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On the surface, DMX and Eminem may appear to be a different breed of emcee, yet there are many similarities to be found. Insofar as commercial success, there are few who can rival the sheer magnitude of Em’s career, and while purists swear by the DIY charm of the self-released Infinite, his upward trajectory can largely be credited to his major label debut The Slim Shady LP. When that album dropped on February 23rd, 1999, Em’s infamous “hi, my name is” line skyrocketed into ubiquity. The project was devoured by mainstream media, and a co-sign from NWA legend Dr. Dre helped solidify Em’s credibility among hip-hop heads, who may have been otherwise hesitant to embrace a goofy looking whiteboy with bleach blonde hair.
While Em and Dre were busy linking up in the studio for the first time, DMX was riding the wave of his own debut album, the gothic masterpiece It’s Dark And Hell Is Hot. As fellow New York contemporaries like Jay-Z, Nas, and Busta Rhymes were in the middle of carving out their own legacies, X was looking to make his mark in the game. But there was something different about X. Jay was busy navigating the finer points of street-based entrepreneurship, while DMX was living and breathing the midnight gutter. With a raw, animalistic energy, X emerged onto the scene with as an unparalleled force, straying the line between a man of God attempting to stray the righteous path, and the devil personified, seeking pleasure in the most abhorrent and ruthless atrocities.
Both The Slim Shady LP and It’s Dark And Hell Is Hot indulge in violence, and while the former veers into cartoonish, comic-book-esque territory, the latter revels in the hopelessly macabre. Yet while some may be put off by the subject matter, the sheer level of enjoyment both men derive in exploring these darker themes are what makes both projects such compelling narratives. Even when the lyrics teeter into gratuitous territory, they are delivered with the craftsmanship of an auteur. Even the album artwork plays a pivotal role in capturing the essence of each project, promising nothing short of a twisted, and often deranged musical odyssey.
With that being said, both albums are widely hailed as classics by fans and critics alike. Nearly two decades have passed since X set it off with his debut, and in the interim, both Em and DMX have collaborated on the haunting battlecry “Go To Sleep.” Both have enjoyed success on the big screen, and both have suffered through substance abuse and addiction problems. Now, with their peak musical days behind them, it seems an opportune time to examine how both debut albums have not only withstood the test of time, but also served to springboard a pair of iconic and larger than life careers.
Unlike in our previous installment, which found Dr. Dre’s The Chronic going head to head with Snoop Dogg’s Doggystyle, the production on these two albums are handled by entirely different camps. The vast majority of The Slim Shady LP’sproduction was handled by Mark and Jeff Bass, better known as The Bass Brothers. The Bass Brothers were pivotal in shaping Eminem’s early sound, which ended up carrying over into his own production work; the duo favored slinky, minor key guitar lines and dynamic bass lines, and their work on tracks like “As The World Turns,” “Just Don’t Give A Fuck,” and “Brain Damage” are the foundation of Em’s drug-addled, mummified Slim Shady persona. And while the Bass Brothers were part of what made The Slim Shady LP so magnificent, Dr. Dre’s contributions cannot be undersold.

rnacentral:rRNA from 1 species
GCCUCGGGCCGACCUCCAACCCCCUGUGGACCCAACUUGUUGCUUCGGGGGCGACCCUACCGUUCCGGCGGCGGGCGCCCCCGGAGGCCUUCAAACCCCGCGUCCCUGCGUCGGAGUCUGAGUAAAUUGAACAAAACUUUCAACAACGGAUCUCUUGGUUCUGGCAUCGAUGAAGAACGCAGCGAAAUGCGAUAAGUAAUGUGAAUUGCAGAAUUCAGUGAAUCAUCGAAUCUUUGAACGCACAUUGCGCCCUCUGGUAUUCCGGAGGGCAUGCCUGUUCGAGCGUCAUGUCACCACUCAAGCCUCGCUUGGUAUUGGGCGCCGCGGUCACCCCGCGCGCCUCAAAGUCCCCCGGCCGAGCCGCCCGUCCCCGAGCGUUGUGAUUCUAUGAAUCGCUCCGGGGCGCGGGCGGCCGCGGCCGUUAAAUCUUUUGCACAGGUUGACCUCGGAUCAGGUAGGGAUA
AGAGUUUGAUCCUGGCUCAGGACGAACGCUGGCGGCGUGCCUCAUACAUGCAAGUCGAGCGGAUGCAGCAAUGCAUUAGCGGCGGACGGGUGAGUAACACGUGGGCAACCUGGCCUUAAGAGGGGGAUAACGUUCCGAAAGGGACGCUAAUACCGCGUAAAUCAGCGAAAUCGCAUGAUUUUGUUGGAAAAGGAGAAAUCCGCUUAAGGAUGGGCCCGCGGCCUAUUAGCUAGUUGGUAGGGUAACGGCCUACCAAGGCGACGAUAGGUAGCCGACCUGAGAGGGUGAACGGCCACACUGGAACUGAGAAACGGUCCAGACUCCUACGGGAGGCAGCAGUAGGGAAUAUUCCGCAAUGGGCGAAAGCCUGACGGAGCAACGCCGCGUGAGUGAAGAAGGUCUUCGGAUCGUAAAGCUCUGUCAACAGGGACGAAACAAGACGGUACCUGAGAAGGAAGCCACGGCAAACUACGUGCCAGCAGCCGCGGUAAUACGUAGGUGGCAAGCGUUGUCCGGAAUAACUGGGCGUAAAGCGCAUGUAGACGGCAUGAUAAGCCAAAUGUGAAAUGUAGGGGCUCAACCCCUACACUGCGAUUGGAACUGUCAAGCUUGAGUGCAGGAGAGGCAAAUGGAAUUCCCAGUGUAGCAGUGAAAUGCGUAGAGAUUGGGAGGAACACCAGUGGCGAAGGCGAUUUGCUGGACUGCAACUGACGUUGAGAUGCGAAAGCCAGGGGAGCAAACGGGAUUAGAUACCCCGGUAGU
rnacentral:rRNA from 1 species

By now, everybody is aware of the widely circulated story of Dre and Eminem’s first studio session. In case you missed it, Dre was looking for a new breakout star, feeling the pressure from some of the higher ups of Interscope Records. In many ways, Em and Dre’s musical union felt like destiny, and together they would enjoy the mutual benefits of Em’s rising superstardom. On The Slim Shady LP, Dre contributed a mere three songs, but all three went on to become singles – “My Name Is,” “Guilty Conscience,” and “Role Models.” Dre’s production for Eminem generally hovers around the darker edge of the spectrum, and his ominous work on “Role Models” and “Guilty Conscience” foreshadow some of the later musical developments of The Marshall Mathers LP, Encore, and even Relapse.
Unlike Em, DMX didn’t have Dr. Dre in his corner. Instead, X opted for the services of PK, Swizz Beatz, and Dame Grease, who handled the bulk of the project’s production. There’s something raw about the instrumentation from front to back, with clever samples, dissonant orchestration, and melancholic chord progression. X’s world is not a happy place, and the musical backdrops are seldom comforting. The PK and Dame Grease collaboration “Stop Being Greedy” is a striking exercise in duality, where the instrumental goes back and forth between misguided hope and the hedonistic comfort of sin; in fact, “Stop Being Greedy” is one of the album’s most thematically definitive tracks, providing a tangible depiction of the conflict raging in X’s psyche.